Next-Gen to Prev-GenApr 4, 2006 · psu · 4 minute read
Originally, I bought the PS2 for a few specific games that were not available on my “main platform”, the Xbox. At the time, I figured that me and my Xbox- live crew would naturally make the progression from Halo 2 on the Xbox to whatever was like Halo 2 on the Xbox 360. Between that, and the periodic Madden roster update sequel, I’d be all set.
Things never go according to plan. For various reasons, after a long run of a little more than a year, the Xbox live crew dissolved. It just became too hard to get everyone together at the right times and get them all playing the same game. As a result, my interest in online gameplay pretty much dissolved. Without a regular crew, you are stuck playing deathmatch against randoms. And random people on the Internet are almost always assholes. I don’t know why, that’s just how it is.
Microsoft didn’t do themselves any favors by launching the 360 the way they did. You still can’t walk into Target and buy a 360 Premium system (today my Target had two Core, aka “retarded” systems), and the games have been coming out in a slow trickle. To make things worse, the Xbox has been declared dead, so there is nothing to do on that machine either.
What Microsoft has done is make the original Xbox collect dust, and made it impossible for me to think of a reason to buy a 360, even if I could find one, which I can’t. Great job.
Instead, I’ve been playing the PS2, and to my surprise, I like it more and more.
As a pure hardware platform, the PS2 really only has two things going for it.
1. It’s small and cute and quiet.
2. The dual shock controller is the perfect controller, except where you want the long travel analog triggers that the Xbox has.
Everything else about the machine is pretty pathetic. It lacks raw processing power, lacks decent mass storage, and even the best rendering that I’ve seen on the machine combines a fuzzy sort of soft focus with a staggering amount of jagged shimmering aliasing in high resolution textures. It’s truly horrible to look at.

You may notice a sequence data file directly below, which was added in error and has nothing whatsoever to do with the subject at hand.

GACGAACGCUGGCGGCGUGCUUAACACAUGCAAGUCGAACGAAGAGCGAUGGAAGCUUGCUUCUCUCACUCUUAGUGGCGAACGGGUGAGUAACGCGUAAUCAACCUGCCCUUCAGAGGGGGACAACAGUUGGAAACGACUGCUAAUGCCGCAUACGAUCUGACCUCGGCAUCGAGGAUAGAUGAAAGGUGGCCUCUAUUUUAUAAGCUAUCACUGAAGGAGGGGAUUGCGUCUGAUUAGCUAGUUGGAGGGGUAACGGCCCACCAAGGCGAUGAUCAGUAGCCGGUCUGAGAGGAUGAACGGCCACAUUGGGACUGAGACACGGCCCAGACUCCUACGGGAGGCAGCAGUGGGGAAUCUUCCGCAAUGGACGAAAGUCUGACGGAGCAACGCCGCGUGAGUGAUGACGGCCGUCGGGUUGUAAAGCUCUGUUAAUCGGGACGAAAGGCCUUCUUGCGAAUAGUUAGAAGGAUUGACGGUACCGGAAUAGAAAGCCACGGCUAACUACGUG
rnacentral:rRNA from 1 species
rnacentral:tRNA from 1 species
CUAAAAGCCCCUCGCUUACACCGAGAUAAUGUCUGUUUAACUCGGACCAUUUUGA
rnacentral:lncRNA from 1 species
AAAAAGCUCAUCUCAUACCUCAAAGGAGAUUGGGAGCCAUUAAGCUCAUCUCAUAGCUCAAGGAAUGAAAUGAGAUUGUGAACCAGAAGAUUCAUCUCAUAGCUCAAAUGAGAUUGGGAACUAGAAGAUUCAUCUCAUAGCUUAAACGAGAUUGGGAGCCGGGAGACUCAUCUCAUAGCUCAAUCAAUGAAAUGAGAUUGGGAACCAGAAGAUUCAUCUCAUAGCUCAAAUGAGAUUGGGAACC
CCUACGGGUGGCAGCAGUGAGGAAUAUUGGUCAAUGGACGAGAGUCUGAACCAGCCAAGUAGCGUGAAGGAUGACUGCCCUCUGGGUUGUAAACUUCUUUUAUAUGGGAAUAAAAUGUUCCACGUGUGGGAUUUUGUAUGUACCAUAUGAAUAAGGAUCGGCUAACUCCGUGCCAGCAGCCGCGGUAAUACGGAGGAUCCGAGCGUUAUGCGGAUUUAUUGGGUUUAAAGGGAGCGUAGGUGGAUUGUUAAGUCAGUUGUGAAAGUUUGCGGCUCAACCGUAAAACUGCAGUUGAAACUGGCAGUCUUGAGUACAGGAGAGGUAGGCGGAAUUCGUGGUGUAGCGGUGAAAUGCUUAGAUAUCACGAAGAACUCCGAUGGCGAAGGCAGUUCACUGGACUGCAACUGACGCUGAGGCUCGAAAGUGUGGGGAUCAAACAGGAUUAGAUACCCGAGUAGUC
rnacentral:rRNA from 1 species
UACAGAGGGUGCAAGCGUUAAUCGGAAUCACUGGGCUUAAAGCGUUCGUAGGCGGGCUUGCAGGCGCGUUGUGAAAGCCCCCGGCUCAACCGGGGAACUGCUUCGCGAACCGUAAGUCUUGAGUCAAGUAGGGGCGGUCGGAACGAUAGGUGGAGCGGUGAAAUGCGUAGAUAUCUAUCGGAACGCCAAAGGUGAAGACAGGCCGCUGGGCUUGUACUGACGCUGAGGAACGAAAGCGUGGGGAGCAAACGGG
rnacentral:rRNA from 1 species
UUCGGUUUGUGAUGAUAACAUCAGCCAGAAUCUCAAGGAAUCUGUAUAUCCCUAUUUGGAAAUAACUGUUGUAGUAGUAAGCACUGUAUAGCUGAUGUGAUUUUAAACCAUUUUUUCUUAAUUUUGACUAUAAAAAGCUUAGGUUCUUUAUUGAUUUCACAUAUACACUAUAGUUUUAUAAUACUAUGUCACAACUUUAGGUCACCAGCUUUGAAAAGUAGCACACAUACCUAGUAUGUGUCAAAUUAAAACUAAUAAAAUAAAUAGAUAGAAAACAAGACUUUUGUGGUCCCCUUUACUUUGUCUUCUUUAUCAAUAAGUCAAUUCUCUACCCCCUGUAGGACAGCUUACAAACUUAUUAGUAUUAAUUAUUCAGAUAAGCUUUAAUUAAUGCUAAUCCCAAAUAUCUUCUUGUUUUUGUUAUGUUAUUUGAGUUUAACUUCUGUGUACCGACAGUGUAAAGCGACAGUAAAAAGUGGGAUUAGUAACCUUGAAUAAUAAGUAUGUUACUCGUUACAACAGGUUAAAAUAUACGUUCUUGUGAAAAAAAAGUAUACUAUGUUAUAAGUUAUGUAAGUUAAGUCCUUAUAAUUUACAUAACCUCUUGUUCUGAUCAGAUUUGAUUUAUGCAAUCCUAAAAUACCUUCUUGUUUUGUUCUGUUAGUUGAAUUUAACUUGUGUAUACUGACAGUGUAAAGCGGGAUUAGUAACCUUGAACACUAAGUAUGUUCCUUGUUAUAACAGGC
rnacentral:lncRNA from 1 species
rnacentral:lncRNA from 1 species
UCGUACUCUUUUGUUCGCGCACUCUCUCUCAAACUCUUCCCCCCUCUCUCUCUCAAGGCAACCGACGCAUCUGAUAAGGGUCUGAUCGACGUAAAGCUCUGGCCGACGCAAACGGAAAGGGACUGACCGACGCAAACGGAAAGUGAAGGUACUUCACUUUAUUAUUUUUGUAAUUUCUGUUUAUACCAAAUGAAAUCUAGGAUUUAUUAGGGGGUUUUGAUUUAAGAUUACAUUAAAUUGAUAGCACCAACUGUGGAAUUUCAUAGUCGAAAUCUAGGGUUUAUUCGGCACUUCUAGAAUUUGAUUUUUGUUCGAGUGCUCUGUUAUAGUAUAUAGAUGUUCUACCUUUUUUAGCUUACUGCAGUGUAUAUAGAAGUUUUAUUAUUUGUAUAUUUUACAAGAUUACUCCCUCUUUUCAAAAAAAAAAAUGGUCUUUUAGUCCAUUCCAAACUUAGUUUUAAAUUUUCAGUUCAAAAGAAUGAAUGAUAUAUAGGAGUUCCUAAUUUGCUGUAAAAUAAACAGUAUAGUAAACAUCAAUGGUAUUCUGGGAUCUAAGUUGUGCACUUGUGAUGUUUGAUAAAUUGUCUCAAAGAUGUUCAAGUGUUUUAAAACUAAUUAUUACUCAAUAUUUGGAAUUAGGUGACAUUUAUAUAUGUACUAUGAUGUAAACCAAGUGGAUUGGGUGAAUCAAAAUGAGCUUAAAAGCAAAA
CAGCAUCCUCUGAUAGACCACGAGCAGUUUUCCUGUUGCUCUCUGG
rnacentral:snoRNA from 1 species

The funny thing is, as I used the machine more, these problems receded into the background. I even found that I like the stupid memory cards more than I thought I would. Being able to back up save files is nice, even if juggling multiple cards is stupid.
I also noticed that even when playing older games, I started to subconsciously block out the horrible quality of the rendering, and instead I would see the game as it would be in my mind’s eye. Almost like the way Neo decodes the gibberish characters of The Matrix at the end of the movie.
In any case, the games demand more attention than the hardware’s technical limitations. The PS2 library covers arguably the widest variety of game types, and it thus allowed me to break out of my Madden and shooter world. From platformers to JRPGs to freaky horror shows to music games, I’ve played many more types of games than I had before. In particular, I never played action and platformer games on the Xbox because I found the controller to be tiring. Even the relatively light action in Jade Empire was painful. I find that these games are much easier to play with the PS2 controller. The size of the pad and the position of the buttons is just less fatiguing for me. Who knows why.
This expansion of interests inevitably triggered the final stage of every dork hobby addiction: collecting. The huge back catalog of PS2 games makes this almost irresistible. For example, various reissues let you follow the progression of the Japanese RPG from its inception all the way to the clothing-based battle systems of Shadow Hearts and Final Fantasy X-2. I got Silent Hill 2 for the PS2, and Pete showed me the original Silent Hill for the PS1 just in time for the movie. Every trip to the Target now brings with it the temptation to pick up some cheap title just to see it. I even picked up another Metal Gear game even though those never have any chance of being any good.
It does not need to end here. I have that old TV that isn’t going anywhere, the perfect thing to hook up to an old PSOne, or Dreamcast, or SNES. Having never played any of the old games, I can probably iterate this process nearly endlessly while the waiting for the next wave of consoles to actually become worth owning.
Of course, things never go according to plan. I could always fall into Oblivion. Maybe the Target will have Premium systems tomorrow.